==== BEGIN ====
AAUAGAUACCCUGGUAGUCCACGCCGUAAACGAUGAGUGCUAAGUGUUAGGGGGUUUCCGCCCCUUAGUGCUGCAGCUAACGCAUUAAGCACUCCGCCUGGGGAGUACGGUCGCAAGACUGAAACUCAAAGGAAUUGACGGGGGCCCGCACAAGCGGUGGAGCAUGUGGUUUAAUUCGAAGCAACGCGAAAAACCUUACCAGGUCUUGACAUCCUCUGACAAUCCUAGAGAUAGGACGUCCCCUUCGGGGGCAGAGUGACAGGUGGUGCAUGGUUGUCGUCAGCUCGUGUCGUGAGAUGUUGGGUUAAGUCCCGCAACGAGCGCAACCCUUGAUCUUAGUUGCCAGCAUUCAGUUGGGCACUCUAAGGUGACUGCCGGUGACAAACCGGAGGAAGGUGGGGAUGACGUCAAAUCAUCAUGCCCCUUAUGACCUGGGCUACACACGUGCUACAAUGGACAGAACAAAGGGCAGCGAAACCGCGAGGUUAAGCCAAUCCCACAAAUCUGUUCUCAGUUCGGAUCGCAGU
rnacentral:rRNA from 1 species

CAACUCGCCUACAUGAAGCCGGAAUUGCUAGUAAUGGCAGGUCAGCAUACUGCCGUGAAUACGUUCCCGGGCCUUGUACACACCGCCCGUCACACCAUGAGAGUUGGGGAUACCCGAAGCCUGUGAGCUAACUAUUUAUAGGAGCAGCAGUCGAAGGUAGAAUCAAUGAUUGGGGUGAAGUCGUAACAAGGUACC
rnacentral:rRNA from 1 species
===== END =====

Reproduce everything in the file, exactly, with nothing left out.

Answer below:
AAUAGAUACCCUGGUAGUCCACGCCGUAAACGAUGAGUGCUAAGUGUUAGGGGGUUUCCGCCCCUUAGUGCUGCAGCUAACGCAUUAAGCACUCCGCCUGGGGAGUACGGUCGCAAGACUGAAACUCAAAGGAAUUGACGGGGGCCCGCACAAGCGGUGGAGCAUGUGGUUUAAUUCGAAGCAACGCGAAAAACCUUACCAGGUCUUGACAUCCUCUGACAAUCCUAGAGAUAGGACGUCCCCUUCGGGGGCAGAGUGACAGGUGGUGCAUGGUUGUCGUCAGCUCGUGUCGUGAGAUGUUGGGUUAAGUCCCGCAACGAGCGCAACCCUUGAUCUUAGUUGCCAGCAUUCAGUUGGGCACUCUAAGGUGACUGCCGGUGACAAACCGGAGGAAGGUGGGGAUGACGUCAAAUCAUCAUGCCCCUUAUGACCUGGGCUACACACGUGCUACAAUGGACAGAACAAAGGGCAGCGAAACCGCGAGGUUAAGCCAAUCCCACAAAUCUGUUCUCAGUUCGGAUCGCAGU
rnacentral:rRNA from 1 species

CAACUCGCCUACAUGAAGCCGGAAUUGCUAGUAAUGGCAGGUCAGCAUACUGCCGUGAAUACGUUCCCGGGCCUUGUACACACCGCCCGUCACACCAUGAGAGUUGGGGAUACCCGAAGCCUGUGAGCUAACUAUUUAUAGGAGCAGCAGUCGAAGGUAGAAUCAAUGAUUGGGGUGAAGUCGUAACAAGGUACC
rnacentral:rRNA from 1 species